How long does it take a country to build a dairy industry? One year, Qatar would answer.
In China, butter’s demand is fuelled by craving for ‘muddy buns’ or ‘dirty dirty bread’ (zang zang bao in China).
Fonterra general manager marketing, global foodservice, Susan Cassidy describes ‘dirty dirty bread’ as a chocolate croissant.
“People love the flaky chocolate pastry coated in rich chocolate ganache and sprinkled with cocoa powder,” Cassidy says.
“It makes it impossible to keep your face clean while eating. They are popular with celebrities who have taken to social media to share images of their ‘muddy bun face’ experience.”
Cassidy says demand for butter is as strong as ever. People want natural products and they are prepared to pay for them.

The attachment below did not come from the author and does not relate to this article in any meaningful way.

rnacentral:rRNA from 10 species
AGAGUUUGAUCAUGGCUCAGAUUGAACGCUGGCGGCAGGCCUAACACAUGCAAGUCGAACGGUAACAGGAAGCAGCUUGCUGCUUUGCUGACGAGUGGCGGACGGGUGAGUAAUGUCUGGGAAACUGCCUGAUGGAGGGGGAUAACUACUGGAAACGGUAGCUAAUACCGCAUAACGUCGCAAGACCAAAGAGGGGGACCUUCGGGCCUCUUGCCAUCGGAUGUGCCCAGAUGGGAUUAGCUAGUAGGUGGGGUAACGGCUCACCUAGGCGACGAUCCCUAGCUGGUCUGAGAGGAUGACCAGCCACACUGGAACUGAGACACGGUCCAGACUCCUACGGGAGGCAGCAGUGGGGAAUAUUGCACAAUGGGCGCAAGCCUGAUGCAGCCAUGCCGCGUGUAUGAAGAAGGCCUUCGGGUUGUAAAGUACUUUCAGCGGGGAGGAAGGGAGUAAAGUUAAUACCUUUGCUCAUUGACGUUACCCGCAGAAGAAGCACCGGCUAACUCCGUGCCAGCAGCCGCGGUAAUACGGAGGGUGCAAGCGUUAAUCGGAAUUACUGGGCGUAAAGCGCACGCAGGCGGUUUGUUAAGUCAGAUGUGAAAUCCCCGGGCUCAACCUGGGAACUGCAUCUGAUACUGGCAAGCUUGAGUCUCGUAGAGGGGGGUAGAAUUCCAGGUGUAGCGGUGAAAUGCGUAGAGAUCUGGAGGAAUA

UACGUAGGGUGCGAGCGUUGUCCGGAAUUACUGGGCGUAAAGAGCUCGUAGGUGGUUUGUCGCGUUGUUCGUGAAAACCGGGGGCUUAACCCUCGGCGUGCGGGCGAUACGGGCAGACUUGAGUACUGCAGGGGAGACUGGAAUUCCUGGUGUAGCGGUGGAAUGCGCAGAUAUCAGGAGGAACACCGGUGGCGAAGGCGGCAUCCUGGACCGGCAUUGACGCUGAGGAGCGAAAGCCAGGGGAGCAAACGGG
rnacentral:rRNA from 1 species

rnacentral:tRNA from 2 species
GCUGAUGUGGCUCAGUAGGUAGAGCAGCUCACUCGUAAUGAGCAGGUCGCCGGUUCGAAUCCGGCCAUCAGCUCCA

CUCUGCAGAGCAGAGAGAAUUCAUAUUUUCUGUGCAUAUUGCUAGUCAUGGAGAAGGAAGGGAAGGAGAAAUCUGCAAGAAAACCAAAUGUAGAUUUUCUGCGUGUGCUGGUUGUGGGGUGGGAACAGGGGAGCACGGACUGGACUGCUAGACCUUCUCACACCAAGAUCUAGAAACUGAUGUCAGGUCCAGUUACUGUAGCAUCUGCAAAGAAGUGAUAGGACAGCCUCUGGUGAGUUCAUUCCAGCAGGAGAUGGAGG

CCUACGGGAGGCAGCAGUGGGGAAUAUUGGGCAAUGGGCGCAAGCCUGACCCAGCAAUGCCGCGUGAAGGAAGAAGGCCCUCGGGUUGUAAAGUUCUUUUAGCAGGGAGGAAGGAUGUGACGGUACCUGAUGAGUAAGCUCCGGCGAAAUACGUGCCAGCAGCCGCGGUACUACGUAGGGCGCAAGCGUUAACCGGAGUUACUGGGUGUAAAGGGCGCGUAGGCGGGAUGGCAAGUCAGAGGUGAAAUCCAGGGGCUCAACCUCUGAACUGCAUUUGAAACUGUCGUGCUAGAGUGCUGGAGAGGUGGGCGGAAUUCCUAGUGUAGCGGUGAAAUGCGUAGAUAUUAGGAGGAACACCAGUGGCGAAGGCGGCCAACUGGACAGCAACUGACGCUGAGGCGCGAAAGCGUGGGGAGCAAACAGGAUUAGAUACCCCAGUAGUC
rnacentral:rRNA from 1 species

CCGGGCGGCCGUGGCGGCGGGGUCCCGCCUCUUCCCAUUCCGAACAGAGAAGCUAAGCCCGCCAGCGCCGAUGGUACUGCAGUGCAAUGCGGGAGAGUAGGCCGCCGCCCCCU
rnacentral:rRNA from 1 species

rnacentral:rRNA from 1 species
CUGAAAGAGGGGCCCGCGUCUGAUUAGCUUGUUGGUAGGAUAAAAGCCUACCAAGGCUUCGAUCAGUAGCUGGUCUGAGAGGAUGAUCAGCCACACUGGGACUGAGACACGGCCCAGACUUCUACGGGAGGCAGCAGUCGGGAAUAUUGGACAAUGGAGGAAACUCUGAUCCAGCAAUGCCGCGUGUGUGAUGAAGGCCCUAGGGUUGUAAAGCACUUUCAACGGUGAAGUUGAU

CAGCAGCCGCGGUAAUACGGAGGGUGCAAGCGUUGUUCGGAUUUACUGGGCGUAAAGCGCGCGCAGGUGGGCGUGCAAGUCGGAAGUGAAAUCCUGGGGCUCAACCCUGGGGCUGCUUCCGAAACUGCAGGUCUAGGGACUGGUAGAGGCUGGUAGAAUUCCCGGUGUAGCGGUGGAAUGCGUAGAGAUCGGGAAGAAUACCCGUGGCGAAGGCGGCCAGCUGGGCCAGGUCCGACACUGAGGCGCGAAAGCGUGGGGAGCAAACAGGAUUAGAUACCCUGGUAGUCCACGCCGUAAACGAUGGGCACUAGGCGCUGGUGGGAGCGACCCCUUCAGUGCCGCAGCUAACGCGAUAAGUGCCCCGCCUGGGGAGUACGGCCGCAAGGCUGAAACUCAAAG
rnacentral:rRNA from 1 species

“Even in temperatures of minus ten degrees, crowds of people are queuing for hours to get their hands on their ‘muddy bun’.”
Fonterra Edgecumbe is commissioning a new butter line to double the factory’s butter sheet production from 4500 tonnes to 7000t.
Operations manager Allan Muggeridge says the first butter sheet will roll off the new butter line on September 1.
“We’ve been watching demand for butter build for a number of years. The building part of the project started in May so it’s been a quick turnaround to get it up and running,” says Muggeridge.
Fifteen local contractors are working on the site expansion. The plant employs 380 people.